The Early Years
One of my earliest memories in life is holding a Burmese Python at a pet store inside a mall in Sherman, TX, near the town I was born and raised, in the late 1980s. I was around 4 or 5 years old. That feeling has never left me. I spent the rest of my childhood in creeks catching reptiles and amphibians and finding the occasional skull.
Later in Life
As a teenager I was already well aware that my brain was not working the same as everyone else around me, but it wasn’t until my 30’s that I was diagnosed with Aspergers Syndrome. I’m introverted and fairly awkward in normal conversation with people because I usually feel uncomfortable. This is because I obsess over subjects to an almost debilitating point. I’m usually trying to listen and not think about whatever I’m obsessing about, but it’s hard. I can’t sleep until I know everything possible about whatever it is I’m onto at the moment. It creates constant anxiety and it wasn’t until my early 20’s that I learned how to turn it off. Work. I have to be working towards a goal at all times. It’s the only way I can function.
Learning that I had Aspergers Syndrome allowed me to understand that I have no control over what I become obsessed with. Some obsessions stay for life and others don’t. This is also why I have developed so many skills over my life. This explained so much and helped me understand my brain and how to work with it instead of fighting it. This really caused issues in school. Public school is designed to make you a round peg that fits in a round hole. I felt like I was in prison every day and I have absolutely no fond memories of my time in school. As soon as I turned 16 I dropped out and went on my way. I have never felt regret for this decision.
I became a professional body piercer at 18 and sought out a tattoo apprenticeship at 19. At 25 I opened my first studio, which I still own to this day. At 34 I opened my second one. I have not pierced or tattooed in years and just run my businesses and hobbies now.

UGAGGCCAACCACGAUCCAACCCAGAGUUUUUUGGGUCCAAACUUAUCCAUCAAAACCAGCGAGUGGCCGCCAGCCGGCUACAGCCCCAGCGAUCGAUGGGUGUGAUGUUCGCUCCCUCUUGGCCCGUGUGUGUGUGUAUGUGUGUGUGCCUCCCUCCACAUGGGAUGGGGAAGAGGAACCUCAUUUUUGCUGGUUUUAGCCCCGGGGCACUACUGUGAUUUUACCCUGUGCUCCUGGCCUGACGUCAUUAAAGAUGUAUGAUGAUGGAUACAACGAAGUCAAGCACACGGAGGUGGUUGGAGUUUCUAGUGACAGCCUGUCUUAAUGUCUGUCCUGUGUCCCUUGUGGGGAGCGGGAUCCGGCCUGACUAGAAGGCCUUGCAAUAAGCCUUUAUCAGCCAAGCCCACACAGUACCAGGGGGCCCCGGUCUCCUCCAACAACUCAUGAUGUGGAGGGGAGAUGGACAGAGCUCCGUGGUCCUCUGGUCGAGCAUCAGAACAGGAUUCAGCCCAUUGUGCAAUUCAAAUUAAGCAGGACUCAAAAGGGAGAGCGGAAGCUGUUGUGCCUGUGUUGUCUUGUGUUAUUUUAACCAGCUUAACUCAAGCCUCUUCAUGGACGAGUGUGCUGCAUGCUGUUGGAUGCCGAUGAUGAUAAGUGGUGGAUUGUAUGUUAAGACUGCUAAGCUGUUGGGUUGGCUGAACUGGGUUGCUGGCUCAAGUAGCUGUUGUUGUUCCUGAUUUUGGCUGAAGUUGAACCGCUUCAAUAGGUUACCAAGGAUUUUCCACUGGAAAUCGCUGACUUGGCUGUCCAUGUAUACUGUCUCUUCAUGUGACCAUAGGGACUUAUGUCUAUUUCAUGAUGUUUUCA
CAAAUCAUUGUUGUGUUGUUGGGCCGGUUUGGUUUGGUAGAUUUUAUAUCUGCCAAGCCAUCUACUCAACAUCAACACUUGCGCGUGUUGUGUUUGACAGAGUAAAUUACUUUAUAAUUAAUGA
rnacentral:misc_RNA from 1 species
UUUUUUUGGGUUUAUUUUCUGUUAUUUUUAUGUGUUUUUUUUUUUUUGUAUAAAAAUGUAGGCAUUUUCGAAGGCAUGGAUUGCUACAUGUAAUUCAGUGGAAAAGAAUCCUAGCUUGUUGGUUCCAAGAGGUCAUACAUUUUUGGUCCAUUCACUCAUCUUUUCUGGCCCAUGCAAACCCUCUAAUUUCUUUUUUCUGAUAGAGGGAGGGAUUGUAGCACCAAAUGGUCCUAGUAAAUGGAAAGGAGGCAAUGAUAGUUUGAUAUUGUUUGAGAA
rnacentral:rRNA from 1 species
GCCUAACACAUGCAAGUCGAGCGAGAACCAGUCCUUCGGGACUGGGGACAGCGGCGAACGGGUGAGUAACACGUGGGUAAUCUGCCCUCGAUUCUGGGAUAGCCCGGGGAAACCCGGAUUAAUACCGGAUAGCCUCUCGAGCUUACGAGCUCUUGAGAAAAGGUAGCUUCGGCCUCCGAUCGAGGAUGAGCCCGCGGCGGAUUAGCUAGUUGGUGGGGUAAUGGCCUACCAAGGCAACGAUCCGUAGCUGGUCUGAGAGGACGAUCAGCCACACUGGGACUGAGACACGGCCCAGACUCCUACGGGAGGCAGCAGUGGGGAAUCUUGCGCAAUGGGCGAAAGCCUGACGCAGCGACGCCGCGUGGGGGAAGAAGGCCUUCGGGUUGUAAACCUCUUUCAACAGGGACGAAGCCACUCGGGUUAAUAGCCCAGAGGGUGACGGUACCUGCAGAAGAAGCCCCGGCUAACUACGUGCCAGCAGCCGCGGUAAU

During my life I have worked towards living my own way and doing what I want when I want. I married my dream girl and have a wonderful daughter. I work with my favorite species, built my childhood dream reptile room, and I don’t have a boss. That last part is mandatory for the way my brain works.
It’s not even that I want to create the art, it’s more like I have to. I’m very compulsive and usually working in other areas of my life like businesses, family, reptiles, vehicles, and traveling, but if an idea accidently creeps up on me I tend to obsess and toss & turn at night until it is finished. That’s why I’m nowhere near as prolific as other similar artist.
During that time period, and since I was 9 years old, I have always had pet reptiles. I have worked with a broad range of species from Anoles as a kid to Black-headed Pythons as an adult.
My collection has grown into its current state based purely on my own interest. I have almost no mutations, but I’m also not a purist. I just prefer the normal phenotype better. The first species I bred was my favorite species to this day, Eastern Indigos (Drymarchon couperi). I still breed them and other species.
I have had a small skull and oddities collection for almost two decades. But in 2016 I accidentally began obsessing with how the process works. Within weeks I was building a dermestarium and starting on my first skull. This obsession didn’t calm down for about 2 years. I learned how to process bones using museum grade methods and how to build full skeletons. Screwing up along the way lead to a large amount of spare bones. This lead to building art.
As weird as people seem to find this activity I enjoy, and no matter what crazy chain of events they seem to think they are going to hear when asking, there just really isn’t a lot to why and how I started this. I like it. I wanted to. So I did.
I use Dermestid Beetles and museum/university designed methods for all bone preservation. Everything is degreased and whitened properly before assembly.
So there it is, the uneventful, boring story of how, why, and what.